Quality Assurance Scheme for Advocates (QASA)
QASA is a joint scheme, developed by CILEx Regulation (then known as ILEX Professional Standards), the Solicitors Regulation Authority and the Bar Standards Board to assess and assure the quality of all criminal advocates appearing in courts in England and Wales.
Representatives from each regulator form the Joint Advocacy Group (JAG), which is responsible for the strategic development and delivery of the scheme and to ensure it is proportionate, consistent and in the public interest.
JAG has also ensured that the scheme is consistent with the Regulatory Objectives set out in the Legal Services Act 2007.
What is the aim?
QASA is designed to ensure that those involved in the criminal litigation process have confidence in the standard of advocacy and advocates. QASA will ensure that all advocates in criminal courts only deal with cases within their competence. This approach reflects CILEx Regulation’s commitment to protecting the public interest, and to the authorisation and supervision of specialist practitioners.
The aim is to ensure that the performance of all criminal advocates is measured against the same set of standards - developed as part of the scheme - regardless of the advocate's previous education and training. The standards will apply to four levels of criminal advocacy work:
- Level 1 involves work in the Magistrates Court, including Youth Court work;
- Level 2 is the first level in the Crown Court and includes either-way offences where the Magistrates accepted jurisdiction but the defendant has elected a Crown Court trial, and straightforward Crown Court cases;
- Level 3 is a Crown Court level and includes more complex Crown Court cases;
- Level 4 is a Crown Court level and includes the most complex Crown Court cases.
Who is affected by QASA?
QASA relates only to criminal advocates. For the purposes of QASA:
“Criminal advocacy” includes advocacy in all hearings arising out of a police-led or Serious Fraud Office-led investigation and prosecuted in the criminal courts by the Crown Prosecution Service or the Serious Fraud Office but does not include hearings brought under the Proceeds of Crime Act 2002.
The scheme will apply to all advocates undertaking criminal advocacy in England and Wales, whether barristers, solicitors, or chartered legal executives, whether self-employed or employed, and whether acting for the prosecution or defence.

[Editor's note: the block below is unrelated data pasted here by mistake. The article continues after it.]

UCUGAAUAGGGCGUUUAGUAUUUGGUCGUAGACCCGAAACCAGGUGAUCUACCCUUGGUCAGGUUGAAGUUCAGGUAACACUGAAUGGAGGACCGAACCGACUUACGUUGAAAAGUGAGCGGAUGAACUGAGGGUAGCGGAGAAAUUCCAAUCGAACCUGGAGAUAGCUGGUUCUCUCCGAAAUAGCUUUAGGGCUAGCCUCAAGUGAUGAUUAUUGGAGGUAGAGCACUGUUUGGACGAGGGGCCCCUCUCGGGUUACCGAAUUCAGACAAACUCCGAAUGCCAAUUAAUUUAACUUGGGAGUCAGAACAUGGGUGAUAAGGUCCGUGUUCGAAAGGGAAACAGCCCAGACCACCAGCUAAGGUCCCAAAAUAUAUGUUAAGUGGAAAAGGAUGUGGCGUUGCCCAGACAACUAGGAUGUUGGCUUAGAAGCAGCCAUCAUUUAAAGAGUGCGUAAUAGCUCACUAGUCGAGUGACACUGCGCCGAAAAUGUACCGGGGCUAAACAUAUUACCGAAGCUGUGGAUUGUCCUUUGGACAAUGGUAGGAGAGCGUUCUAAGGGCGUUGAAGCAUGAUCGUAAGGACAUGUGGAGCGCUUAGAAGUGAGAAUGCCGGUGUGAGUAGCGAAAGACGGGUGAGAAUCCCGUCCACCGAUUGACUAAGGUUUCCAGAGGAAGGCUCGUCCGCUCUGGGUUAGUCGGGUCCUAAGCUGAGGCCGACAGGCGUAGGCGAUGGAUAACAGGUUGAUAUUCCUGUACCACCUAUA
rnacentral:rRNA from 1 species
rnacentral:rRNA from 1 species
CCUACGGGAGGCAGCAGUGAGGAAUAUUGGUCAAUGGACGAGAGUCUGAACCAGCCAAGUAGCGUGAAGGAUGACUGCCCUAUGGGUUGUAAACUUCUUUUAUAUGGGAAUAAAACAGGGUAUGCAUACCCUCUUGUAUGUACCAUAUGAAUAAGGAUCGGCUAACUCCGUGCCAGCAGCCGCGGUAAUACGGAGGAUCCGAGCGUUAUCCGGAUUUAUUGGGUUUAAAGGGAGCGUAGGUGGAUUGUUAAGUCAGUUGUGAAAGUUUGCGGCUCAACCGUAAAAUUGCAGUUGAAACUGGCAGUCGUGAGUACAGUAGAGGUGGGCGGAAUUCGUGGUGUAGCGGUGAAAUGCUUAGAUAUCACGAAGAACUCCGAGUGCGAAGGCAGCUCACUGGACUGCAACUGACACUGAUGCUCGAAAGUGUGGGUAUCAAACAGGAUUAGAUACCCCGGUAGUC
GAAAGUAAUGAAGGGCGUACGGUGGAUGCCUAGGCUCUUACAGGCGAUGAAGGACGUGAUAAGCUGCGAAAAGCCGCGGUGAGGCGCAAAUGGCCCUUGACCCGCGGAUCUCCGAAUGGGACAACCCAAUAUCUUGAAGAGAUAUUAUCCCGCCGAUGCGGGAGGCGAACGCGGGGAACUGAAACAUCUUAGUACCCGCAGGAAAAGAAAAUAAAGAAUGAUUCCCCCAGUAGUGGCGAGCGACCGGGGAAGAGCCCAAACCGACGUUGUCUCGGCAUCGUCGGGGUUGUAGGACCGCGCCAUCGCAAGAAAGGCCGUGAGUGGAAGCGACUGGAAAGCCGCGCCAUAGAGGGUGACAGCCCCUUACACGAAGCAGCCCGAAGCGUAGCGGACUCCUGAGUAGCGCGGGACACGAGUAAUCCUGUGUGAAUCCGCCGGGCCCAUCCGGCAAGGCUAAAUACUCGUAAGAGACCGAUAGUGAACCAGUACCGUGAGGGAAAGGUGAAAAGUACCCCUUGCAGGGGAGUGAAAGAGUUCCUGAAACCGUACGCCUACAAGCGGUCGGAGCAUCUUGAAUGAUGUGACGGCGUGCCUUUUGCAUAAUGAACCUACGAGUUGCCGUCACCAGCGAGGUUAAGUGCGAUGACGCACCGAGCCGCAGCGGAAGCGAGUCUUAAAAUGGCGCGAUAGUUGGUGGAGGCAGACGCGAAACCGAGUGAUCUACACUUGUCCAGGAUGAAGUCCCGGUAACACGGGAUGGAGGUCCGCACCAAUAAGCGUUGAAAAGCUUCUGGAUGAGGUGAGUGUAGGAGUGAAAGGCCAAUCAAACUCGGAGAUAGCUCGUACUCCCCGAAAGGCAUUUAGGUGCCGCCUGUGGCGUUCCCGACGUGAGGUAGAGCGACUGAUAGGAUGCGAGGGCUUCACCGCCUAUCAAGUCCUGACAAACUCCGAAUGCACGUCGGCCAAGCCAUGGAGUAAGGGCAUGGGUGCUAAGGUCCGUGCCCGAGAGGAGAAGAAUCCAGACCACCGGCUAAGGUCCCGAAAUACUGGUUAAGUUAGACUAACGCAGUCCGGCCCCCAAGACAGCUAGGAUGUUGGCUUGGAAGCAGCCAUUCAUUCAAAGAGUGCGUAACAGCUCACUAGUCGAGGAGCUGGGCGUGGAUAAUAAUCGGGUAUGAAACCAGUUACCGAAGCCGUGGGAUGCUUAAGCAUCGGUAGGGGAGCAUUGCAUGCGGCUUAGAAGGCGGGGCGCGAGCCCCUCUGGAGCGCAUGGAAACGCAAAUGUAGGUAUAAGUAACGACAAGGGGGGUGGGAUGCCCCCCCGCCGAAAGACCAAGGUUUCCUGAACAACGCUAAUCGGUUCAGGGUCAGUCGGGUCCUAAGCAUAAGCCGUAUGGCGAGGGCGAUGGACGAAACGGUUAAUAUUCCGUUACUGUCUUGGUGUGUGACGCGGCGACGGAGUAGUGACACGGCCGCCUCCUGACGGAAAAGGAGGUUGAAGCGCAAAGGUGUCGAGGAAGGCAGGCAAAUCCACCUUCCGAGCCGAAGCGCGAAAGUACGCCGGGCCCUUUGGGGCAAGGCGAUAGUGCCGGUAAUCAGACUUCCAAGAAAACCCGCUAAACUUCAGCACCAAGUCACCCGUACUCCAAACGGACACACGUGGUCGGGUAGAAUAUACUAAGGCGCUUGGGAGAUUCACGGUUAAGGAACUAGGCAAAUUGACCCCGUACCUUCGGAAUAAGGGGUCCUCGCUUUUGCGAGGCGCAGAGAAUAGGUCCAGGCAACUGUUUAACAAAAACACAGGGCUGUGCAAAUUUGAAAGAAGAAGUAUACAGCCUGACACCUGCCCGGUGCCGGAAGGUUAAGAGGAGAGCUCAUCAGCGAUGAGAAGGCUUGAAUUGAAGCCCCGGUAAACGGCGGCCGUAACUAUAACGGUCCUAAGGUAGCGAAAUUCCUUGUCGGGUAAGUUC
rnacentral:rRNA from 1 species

Once the scheme comes into effect, any criminal advocate wishing to undertake criminal advocacy will require QASA accreditation. If you are a Chartered Legal Executive Criminal Advocate or an Associate Prosecutor, you will come under the scheme.
As an advocate you will obtain QASA accreditation by successfully meeting the required standards for the level at which you have been assessed. You will be assessed against the standards at your level by either judicial evaluation or by an approved assessment organisation.
You will be required to re-accredit every five years against the standards.
Further details on the proposed operation of the scheme can be found by reading the QASA Handbook.
When will QASA come into effect?
QASA was approved by the Legal Services Board in 2013, and registration opened for Chartered Legal Executive Criminal Advocates and Associate Prosecutors in September 2013. CILEx Advocates have already been registering under the scheme.
The implementation of the scheme had been on hold due to judicial review proceedings. The Supreme Court found that QASA was proportionate and lawful. The joint advocacy group is working to implement the scheme.
If you are a Chartered Legal Executive Criminal Advocate or Associate Prosecutor you can still register your intent to join the scheme by completing the registration
How QASA registration will affect you
Chartered Legal Executive Criminal Advocates
If you are a Chartered Legal Executive Advocate who has completed the first renewal of your Advocacy Certification in Criminal Proceedings, you will need to register with CILEx Regulation as a Level 1 advocate to obtain full accreditation. The closing date for registration will be notified after the appeal proceedings have concluded.
Under QASA, when it is fully in effect, newly qualified Chartered Legal Executive Advocates in Criminal Proceedings will be provided with provisional QASA accreditation until they have completed the first renewal procedure. They will gain full accreditation for five years on successful completion of the first renewal of their practising certificate.
If you are an Associate Prosecutor, you will need to hold a current practising certificate and register as a Level 1 advocate when QASA is fully in effect.
The Associate Prosecutor Rights of Audience and Litigation Certification Rules
have been revised accordingly.
If you require any further information on QASA or have any comments or suggestions, please contact us.